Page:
- Thousands of men and women fled their homes and businesses in Mariposa this week as the roaring Detwilder Fire consumed thousands of acres of wildland.
But Mary Foster stayed behind.
Foster, owner of the Mariposa Hotel Inn, stood on the balcony of her tiny century-old hotel Wednesday in downtown Mariposa as ash rained down from thick clouds of dark smoke. She had no plans to leave.
“We just sat out here and watched the fire,” she said.
Fire crews fought the flames through the night as they threatened to climb the ridge to the west of the hotel, which was built in 1901, she said. About 4,000 people had evacuated the town Tuesday, nearly emptying the small touristy community, according to fire officials.
“It was kind of scary,” she said. “It was really eerie when you walk out on the street and it’s totally empty.”
Flames exploded Sunday afternoon along Detwiler Road near Lake McClure. The fast-moving blaze raced through dry vegetation and has doubled in size nearly every day and, by Wednesday afternoon, had consumed nearly 50,000 acres. About 4,500 structures were threatened by flames Wednesday, according to the state Department of Forestry and Fire Protection. The blaze was just 7 percent contained and eight structures had been destroyed.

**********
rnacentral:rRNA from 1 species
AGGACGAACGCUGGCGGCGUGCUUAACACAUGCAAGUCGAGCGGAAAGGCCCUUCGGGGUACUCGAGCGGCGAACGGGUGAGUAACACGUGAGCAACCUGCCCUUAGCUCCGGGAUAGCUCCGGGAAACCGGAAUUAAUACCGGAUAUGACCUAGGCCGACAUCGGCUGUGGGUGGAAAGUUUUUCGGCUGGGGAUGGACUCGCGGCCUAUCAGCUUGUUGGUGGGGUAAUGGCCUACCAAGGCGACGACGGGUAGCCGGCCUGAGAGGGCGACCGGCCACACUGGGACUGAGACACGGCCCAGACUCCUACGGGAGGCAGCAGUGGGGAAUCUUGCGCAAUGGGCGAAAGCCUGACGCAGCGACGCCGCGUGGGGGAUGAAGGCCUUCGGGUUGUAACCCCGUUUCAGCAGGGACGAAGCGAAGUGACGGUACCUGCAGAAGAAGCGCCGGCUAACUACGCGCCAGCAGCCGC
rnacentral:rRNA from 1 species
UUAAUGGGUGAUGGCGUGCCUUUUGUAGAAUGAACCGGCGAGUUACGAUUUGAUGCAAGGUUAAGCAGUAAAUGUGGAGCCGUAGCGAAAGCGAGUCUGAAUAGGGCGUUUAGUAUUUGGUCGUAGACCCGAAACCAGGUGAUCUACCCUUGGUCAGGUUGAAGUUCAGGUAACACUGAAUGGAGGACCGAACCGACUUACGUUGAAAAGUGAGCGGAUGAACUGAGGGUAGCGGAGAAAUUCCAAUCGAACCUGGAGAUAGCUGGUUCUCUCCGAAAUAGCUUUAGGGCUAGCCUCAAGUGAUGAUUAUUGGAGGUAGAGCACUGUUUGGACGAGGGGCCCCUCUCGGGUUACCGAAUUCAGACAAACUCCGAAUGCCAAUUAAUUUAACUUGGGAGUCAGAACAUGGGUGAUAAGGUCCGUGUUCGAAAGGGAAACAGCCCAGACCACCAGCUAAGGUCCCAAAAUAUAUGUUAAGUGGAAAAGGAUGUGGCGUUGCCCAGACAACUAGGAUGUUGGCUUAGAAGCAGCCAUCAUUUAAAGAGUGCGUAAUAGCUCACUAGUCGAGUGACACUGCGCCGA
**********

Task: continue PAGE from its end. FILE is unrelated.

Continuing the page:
“Closed” signs hung in the restaurants, bars and shops in Mariposa’s downtown.
Sheds and what appeared to be an abandoned house burned down along Highway 140. Many of the houses in the area were surrounded by scorched grass but the structures sustained no damage.
Also staying close to home was Anthony Skogen, 58. His home on Old Toll Road near Mt. Bullion was saved by the efforts of firefighters, he said.
“It was like these massive flames, traveling down, following the wind,” he said. “It came through like a hurricane.”
Skogen spent Tuesday night in the Mariposa Hotel Inn, where his wife, Sally, works. They watched as air tankers pummeled the flames with retardant.
Mariposa was without power or Internet access. Skogen said that’s made it more difficult to reach his brother, who also is his next door neighbor.
The 10-year resident of the foothills said he too planned to stay in town. “Once we leave, we can’t come back in,” he said.
Heavy smoked wafted from the burning trees just west of Idle Wheels, a mobile home park on the north end of town. Fire crews dug trenches and helicopters dropped buckets of water on the blaze to keep flames from crawling closer to Mariposa’s main street.
Fire officials have asked drivers to stay away from the area to allow crews and engines to get in and out with ease, according to Battalion Chief Jeremy Rahn of CalFire Merced County.
He said crews continue to aggressively fight flames to keep them from spreading to Mariposa proper.
Foster is keeping her fingers crossed that firefighters will save her newly remodeled hotel and her community.
“We’re still here,” she said.
Thaddeus Miller: 209-385-2453